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The CEO Forum: The Ultimate CEOs: J. Wayne Leonard

CEO, Entergy

Fortnightly Magazine - June 2006

a mistake, whether it is a human error or whatever, they think you did it intentionally. And people make mistakes from time to time. Anytime the transmission isn’t available because of the laws of physics, they think you are making it up. So, you want to remove that stigma that hangs over your head as quickly as you can by getting some kind of independent proposal on the table.

That’s where we came up with the ICT proposal. We brought in the Southwest Power Pool (SPP), which we felt had the expertise to do it, and with which we are obviously interconnected. They are going to do a lot of regional planning with data that they had for their members. They will determine who gets transmission and who doesn’t. They’ll do virtually everything an RTO would do. They don’t have a congestion market, but ICT doesn’t have one either.

We have a weekly procurement process before FERC that will start that process in terms of managing congestion on a weekly basis. We need an hourly congestion market. So, I would hope over the next four years we convince our regulators that this works. It does provide for more transparency. It does provide for more reliability because of regional planning. And it can be done more economically because we will be able to expand the footprint. Maybe Southern Co. or others will do something similar. I hope what happens as far as the end game is we end up with an independent transmission company. I don’t think it will happen in the next four years, or probably while I’m at Entergy, but I hope this is the precursor. I hope we end up with real independent regional transmission companies, maybe just four or five in the country that are the best in the world.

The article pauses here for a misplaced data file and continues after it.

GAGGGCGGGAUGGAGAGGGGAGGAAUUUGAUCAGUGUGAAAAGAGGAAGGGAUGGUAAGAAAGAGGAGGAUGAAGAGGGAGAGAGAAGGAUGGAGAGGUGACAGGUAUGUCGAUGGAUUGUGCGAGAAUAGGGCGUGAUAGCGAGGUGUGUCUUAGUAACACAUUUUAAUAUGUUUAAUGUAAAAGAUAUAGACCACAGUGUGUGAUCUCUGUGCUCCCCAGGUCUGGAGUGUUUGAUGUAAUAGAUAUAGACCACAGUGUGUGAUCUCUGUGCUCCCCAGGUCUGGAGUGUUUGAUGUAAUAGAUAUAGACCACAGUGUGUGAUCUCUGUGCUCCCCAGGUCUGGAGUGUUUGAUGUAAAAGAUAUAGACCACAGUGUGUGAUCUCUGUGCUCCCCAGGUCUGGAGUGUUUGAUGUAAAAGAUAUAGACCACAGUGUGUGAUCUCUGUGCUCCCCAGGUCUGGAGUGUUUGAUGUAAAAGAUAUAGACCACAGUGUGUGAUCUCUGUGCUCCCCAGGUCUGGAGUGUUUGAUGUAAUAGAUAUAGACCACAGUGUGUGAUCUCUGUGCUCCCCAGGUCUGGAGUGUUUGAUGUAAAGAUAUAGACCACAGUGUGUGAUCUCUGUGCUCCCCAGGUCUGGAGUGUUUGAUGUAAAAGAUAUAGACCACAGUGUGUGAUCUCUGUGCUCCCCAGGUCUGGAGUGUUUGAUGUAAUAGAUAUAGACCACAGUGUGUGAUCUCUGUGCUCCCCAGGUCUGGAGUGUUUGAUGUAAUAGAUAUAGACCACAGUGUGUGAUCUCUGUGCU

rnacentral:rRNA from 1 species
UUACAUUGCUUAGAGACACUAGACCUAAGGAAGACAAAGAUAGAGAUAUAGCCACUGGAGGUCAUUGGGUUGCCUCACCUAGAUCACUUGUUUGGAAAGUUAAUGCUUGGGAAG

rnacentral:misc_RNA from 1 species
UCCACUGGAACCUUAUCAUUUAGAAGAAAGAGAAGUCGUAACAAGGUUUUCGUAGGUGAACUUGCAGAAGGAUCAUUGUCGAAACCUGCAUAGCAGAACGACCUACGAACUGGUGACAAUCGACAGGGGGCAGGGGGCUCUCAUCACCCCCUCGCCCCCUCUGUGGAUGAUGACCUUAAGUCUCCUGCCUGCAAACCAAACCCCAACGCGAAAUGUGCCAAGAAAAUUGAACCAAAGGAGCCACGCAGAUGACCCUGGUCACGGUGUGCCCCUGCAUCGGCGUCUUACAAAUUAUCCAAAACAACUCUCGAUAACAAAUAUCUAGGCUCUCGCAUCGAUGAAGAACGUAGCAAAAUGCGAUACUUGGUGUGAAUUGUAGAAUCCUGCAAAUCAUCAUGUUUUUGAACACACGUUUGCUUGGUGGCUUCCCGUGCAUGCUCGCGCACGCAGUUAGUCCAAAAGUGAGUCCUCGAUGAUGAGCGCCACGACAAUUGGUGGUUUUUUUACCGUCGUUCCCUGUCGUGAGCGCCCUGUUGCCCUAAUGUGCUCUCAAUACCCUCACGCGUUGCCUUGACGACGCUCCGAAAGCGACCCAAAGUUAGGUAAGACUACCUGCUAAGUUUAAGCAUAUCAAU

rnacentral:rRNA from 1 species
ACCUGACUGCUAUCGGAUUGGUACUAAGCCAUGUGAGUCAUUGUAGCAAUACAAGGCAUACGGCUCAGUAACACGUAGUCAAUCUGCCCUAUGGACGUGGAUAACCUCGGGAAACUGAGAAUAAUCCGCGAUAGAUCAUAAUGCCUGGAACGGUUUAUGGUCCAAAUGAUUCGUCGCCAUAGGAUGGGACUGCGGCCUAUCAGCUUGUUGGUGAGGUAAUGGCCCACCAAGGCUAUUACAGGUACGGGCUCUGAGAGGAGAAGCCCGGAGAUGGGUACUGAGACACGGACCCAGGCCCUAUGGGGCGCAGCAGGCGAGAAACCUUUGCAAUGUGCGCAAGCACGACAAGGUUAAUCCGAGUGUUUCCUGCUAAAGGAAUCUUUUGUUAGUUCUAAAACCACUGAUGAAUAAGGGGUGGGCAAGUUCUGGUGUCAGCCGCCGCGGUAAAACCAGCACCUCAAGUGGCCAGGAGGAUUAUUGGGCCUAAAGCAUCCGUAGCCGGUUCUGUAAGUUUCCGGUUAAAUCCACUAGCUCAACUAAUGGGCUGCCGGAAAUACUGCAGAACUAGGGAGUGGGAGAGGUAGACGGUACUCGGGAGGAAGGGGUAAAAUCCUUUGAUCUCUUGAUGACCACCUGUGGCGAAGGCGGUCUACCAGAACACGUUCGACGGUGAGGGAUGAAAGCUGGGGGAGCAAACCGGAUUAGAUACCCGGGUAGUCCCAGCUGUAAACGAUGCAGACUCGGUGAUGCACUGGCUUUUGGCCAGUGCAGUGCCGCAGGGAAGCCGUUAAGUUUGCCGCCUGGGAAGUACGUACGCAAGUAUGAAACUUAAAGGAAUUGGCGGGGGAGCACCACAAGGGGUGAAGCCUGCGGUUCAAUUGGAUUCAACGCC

Fortnightly: How do you define leadership?

Leonard: I think the most important thing as a leader of this organization is to create an environment where every employee feels appreciated, every employee feels they have the opportunity to realize their God-given potential, and every employee feels that somewhere in the organization there is somebody that will make sure that the basic principles of justice and compassion are adhered to. I think it is my job as a leader to define the vision for the company, to make sure that it is executed, to make sure that people understand it, to communicate it every day. But more importantly, [it is] to make sure that our values are always lived up to even when [they] conflict necessarily with our vision. That is what people look for at the end of the day. A leader’s role above all else is to make sure the truth is respected.